Lost Altars of the Holy Land: Basilica of Gethsemane

When the unfortunate spirit of iconoclasm entered the Latin Church in the 1960's, many church sanctuaries were suddenly changed all over the world.  Under the guise of the "spirit of Vatican II," a great many sanctuaries were deformed in the name of authentic renewal in the Church.  The titanic cultural shift in Catholic perception from temple worship to man-centered worship took the Church by storm and we still feel the effects today.

The above photograph depicts the former main altar of the Basilica of Gethsemane, also known as the Basilica of All Nations located on the Mount of Olives just outside the old City of Jerusalem.  Its ceiling has twelve inside domes that incorporate twelve symbols that represent the twelve nations that contributed to its construction.  The church was built by the great "architect of the Holy Land," Antonio Barluzzi (1884-1960), who worked on this project between 1919-1924.  

The completed basilica has been described as an "artistic garland of beaten iron and silver, inspired by the mystery of the pain of the agony."  In creating the original altar, Barluzzi sought to draw inspiration from descriptions by ancient pilgrims.  In making the altar Roman, he made ties with the Catholic (universal) history of the place.  The original placement of the altar by Barluzzi was facing East.    

The church is under the Franciscan Custody of the Holy Land since 1681, the official custodians of Catholic holy sites in Israel and Palestine.  Under these Italian Franciscans, various altars were changed under their jurisdiction following the Council.  On a global scale the changes been felt, in some ways a phenomenon and corollary of the sixties cultural revolution with its rabid antipathy against the past and frantic race to be "modern."  After the dust had settled, the loss of this beautiful altar is remembered today by only a few, a remnant of traditional Catholics and art historians who feel the loss with a sense of agony. 

In the central mosaic above the altar in the central apse is Christ depicted in agony while consoled by the angel, a creation of Prof. Pietro D'Achiardi (who also did the mosaics on the tomb of Pius XI in the Vatican Grottoes).  The site is popular for pilgrim groups to visit and celebrate Mass as a group.  Laying before the altar is located the traditional rock on which Christ prayed during His last night before captivity: "Father, if thou art willing, remove this cup from me; nevertheless not my will, but thine, be done" (Luke 22:42).  The rock is encircled by a crown of thorns made in wrought iron, a gift from Australian Catholics.  The hanging sanctuary lamps were gifts of the House of Savoy of the Kingdom of Italy.  Pilgrims enter here to kneel and pray and touch the bedrock stone with their hands and rosaries.  Some pilgrims and guides, overcome with emotion, weep bitterly as they read from Mark 14: 32-42.  

For many who visit the Holy Land, their visit to this site stands out the strongest in their memory.  Indeed, for many who visit this is the highlight of their pilgrimage.  In the outside garden are seen ancient olive trees that are over 2,000 years old, venerable in age and still producing fruit to this very day - witnesses to the time of Christ.  

The inside of the church is dark and was intentionally designed this way by the architect, who wished to portray the inside as covered in darkness, evocative of the evening in which Christ was betrayed and imprisoned (even the scattering of bluish alabaster window panels are dark, to evoke a mood analogous to Christ's agony - to interpret the gloom and sadness that was to envelop the earth).  The ceiling is a deep blue to simulate the night sky.  On the liturgical calendar, the day of Christ's agony in the garden is commemorated on Maundy Thursday or Holy Thursday, the beginning of the Sacred Triduum, also commemorated as the first sorrowful mystery of the most holy rosary.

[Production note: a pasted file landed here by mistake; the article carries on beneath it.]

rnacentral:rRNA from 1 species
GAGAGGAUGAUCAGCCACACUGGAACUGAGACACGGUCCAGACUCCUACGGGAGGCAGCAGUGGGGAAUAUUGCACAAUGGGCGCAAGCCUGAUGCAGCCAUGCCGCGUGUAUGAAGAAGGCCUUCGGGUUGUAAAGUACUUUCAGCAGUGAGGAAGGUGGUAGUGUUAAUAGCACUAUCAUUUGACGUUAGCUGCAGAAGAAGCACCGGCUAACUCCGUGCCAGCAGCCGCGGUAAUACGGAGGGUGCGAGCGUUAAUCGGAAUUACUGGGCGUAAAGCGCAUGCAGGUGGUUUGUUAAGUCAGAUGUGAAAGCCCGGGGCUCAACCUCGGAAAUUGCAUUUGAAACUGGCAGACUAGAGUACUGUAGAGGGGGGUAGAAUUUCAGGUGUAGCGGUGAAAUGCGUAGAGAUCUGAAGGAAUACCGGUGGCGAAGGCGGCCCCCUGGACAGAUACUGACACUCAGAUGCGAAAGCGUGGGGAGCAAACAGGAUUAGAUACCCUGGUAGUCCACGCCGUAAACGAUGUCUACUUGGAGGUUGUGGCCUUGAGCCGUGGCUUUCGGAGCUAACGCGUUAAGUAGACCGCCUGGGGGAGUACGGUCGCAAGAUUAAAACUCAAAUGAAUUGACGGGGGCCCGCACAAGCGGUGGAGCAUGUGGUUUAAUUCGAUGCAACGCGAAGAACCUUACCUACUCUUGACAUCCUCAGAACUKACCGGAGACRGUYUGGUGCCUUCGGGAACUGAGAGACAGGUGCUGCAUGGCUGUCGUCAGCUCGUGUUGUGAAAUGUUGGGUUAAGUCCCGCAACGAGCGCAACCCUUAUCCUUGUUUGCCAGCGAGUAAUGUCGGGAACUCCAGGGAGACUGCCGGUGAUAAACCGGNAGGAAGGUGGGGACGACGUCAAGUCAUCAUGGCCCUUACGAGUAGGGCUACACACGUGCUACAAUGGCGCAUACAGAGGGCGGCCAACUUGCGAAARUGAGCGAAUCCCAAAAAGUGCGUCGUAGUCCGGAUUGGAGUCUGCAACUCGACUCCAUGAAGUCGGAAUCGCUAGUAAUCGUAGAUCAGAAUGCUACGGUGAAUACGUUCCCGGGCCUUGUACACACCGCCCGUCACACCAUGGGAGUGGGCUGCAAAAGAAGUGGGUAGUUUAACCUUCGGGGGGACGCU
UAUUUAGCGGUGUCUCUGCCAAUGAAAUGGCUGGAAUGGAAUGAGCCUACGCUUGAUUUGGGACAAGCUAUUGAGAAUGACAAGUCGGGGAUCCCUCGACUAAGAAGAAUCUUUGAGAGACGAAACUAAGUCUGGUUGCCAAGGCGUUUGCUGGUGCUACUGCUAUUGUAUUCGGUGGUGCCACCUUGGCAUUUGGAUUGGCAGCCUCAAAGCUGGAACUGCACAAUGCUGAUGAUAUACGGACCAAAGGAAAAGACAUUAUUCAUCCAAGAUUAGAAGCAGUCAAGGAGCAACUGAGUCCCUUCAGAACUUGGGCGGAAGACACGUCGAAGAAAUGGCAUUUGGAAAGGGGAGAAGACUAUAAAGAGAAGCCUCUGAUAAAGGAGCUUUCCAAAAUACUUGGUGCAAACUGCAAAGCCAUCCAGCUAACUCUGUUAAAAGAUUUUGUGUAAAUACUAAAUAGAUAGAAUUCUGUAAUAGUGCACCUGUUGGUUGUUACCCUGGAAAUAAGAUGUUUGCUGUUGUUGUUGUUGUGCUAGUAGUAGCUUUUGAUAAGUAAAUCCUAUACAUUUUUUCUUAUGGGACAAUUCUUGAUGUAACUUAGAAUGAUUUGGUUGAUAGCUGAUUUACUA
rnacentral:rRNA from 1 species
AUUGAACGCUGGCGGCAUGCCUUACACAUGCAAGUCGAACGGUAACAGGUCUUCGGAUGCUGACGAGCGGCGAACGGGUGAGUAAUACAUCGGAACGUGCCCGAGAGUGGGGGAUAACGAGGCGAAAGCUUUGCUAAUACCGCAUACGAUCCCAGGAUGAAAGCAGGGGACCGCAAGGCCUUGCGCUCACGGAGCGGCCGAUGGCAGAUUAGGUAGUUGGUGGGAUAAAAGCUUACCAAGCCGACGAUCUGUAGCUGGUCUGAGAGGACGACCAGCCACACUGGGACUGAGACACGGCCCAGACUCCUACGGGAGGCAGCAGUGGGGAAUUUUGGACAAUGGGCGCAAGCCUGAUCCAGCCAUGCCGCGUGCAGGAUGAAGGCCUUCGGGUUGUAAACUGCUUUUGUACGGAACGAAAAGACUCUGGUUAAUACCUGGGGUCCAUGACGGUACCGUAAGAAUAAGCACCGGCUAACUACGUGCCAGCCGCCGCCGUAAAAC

What can be said today of these beautiful altars that are no more?  It is just sad and a major cultural loss.  Where is this altar today?  Perhaps in a landfill.  Does anyone know?  Let us hope and pray one day it will be restored.  The black Sicilian marble of the altar exterior, seen in the photo, is exquisite.  If the revolutionaries were aiming for "noble simplicity," it was already here in spades.  The altar had zero decoration except for a metallic baroque cross that was fixed in the middle, Roman style.  I also like the gradine shelves that were behind the altar, with olive branches that can be seen in vases and the bronze Lamb of God statue that was mounted above the tabernacle.  It is worth noting, the priest would not stand on the actual rock for the prayers at the foot of the altar, but on the footpace in front of it.    

Many times I have stood in this sanctuary for Holy Mass.  I hope one day in a spirit of restorative justice and good taste to see the old altar restored that was originally consecrated in June of 1924.  This place is so special, as Fulton Sheen once wrote: "Those who have been privileged to enter the Garden of Gethsemane by the light fo the full moon carry the memory all their lives."  The sacredness of the site is further evoked during the emotional Tenebrae service of Maundy Thursday, when in the responsory of Lesson I is sung in Latin the most beautiful chant imaginable in the voice of Christ: In monte Oliveti oravit ad Patrem: Pater, si fieri potest, transeat a me calix iste: Spiritus quidem promptus est, caro autem infirma ("At the Mount of Olives He prayed unto the Father: O My Father, if it be possible, let this cup pass from Me!  The spirit is indeed willing, but the flesh is weak)."  

Below is an image of the new "brutalist" altar and tabernacle that replaced the original classical altar with fixed tabernacle, as they appear today.

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